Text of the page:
Tamil Nadu has become a hot spot for BJP politics. Prime Minister Modi and his party are trying their best to secure a victory in the state. The Government of India has launched several massive development schemes in the region. BJP as a party has to win over the Tamil speaking people and get their support to secure that victory. Therefore, they have to address the issues of interest of these voters. It is a well-known thing that the Tamil speaking population there have a sympathetic and brotherhood relationship with the Sr Lankan Tamils. There have been many instances where agitations were staged in Chennai in support of the Tamils in Sri Lanka espousing their cause. In particular during the heydays of Prabhakaran in Sri Lanka, there was a fairly significant support group in Tamil Nadu to his activities. This however got diluted after the assassination of Rajiv Gandhi by the LTTE.
Tamil Nadu state politics has been a bone of contention for all successive central governments in India. Appeasing the Dravidian population has been a priority for all political forces in India.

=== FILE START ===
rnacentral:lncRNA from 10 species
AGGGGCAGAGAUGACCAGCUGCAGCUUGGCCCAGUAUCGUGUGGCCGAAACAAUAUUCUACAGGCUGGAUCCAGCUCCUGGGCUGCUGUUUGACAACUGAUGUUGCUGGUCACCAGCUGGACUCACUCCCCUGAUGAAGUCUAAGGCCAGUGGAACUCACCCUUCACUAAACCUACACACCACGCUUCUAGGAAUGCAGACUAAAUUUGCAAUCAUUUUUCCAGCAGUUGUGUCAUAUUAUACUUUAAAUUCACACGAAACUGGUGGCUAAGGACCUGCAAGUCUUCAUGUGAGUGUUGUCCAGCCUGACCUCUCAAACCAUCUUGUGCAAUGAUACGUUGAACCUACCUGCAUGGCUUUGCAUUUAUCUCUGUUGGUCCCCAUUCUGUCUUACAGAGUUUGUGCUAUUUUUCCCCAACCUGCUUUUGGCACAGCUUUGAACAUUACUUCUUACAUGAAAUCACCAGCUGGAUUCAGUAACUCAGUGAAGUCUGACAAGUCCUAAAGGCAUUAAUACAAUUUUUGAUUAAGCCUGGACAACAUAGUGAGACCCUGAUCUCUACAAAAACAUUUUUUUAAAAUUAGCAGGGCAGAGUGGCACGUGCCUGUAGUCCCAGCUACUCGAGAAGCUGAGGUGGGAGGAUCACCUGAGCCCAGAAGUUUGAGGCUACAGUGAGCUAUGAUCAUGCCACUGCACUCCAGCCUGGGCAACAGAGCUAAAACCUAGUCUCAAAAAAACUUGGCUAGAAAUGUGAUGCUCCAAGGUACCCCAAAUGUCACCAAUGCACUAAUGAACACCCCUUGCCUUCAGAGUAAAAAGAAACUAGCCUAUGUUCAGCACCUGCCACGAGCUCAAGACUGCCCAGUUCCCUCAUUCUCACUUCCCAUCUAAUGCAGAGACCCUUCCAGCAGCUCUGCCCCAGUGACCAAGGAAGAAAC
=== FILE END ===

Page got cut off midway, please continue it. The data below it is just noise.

It is a common thing for the politicians anywhere to raise and refer to issues common to the people of the area and it is not difficult to understand that similar interests would have been displayed by Indian politicians when they come down to the Tamil Nadu area for political propaganda. It is quite possible that someone less important would have referred to the hear-say talk of the Tripur chief minister about a BJP interest in political activities of Sri Lanka while campaigning in Chennai.
Sometimes helpful and sometimes harmful
India from time immemorial has been involved in Sri Lankan affairs, sometimes helpful and sometimes harmful. The two countries have been involved in wars in the long past. The historical records indicate an event, “Sri Lanka’s King, Gajabahu is remembered is his invasion of Chola territory and liberation of the 12,000 Sinhalese prisoners seized in his father’s reign”. Things however, have drastically changed after both countries gained Independence status from Imperialism after long years of battle with human sacrifice.
There are several noteworthy events in the recent history relating to the political relations between India and Sri Lanka.
- The amicable settlement reached between the two Prime Ministers of India and Sri Lanka regarding the Kachchative island issue
- Intervention by our Prime Minister Sirimavo Bandaranaike in the dispute China had with India to help avoid an Imminent war between the two countries
- Settlement of the citizenship issue of the Indian migrant labour in Sri Lanka
- Tension that developed after the 1983 communal riots
- Sending IPKF to assist in the terrorist control activities during the LTTE heydays
These were some of the landmark accords between the two countries in achieving peaceful resolutions for the mutual benefit of the two countries.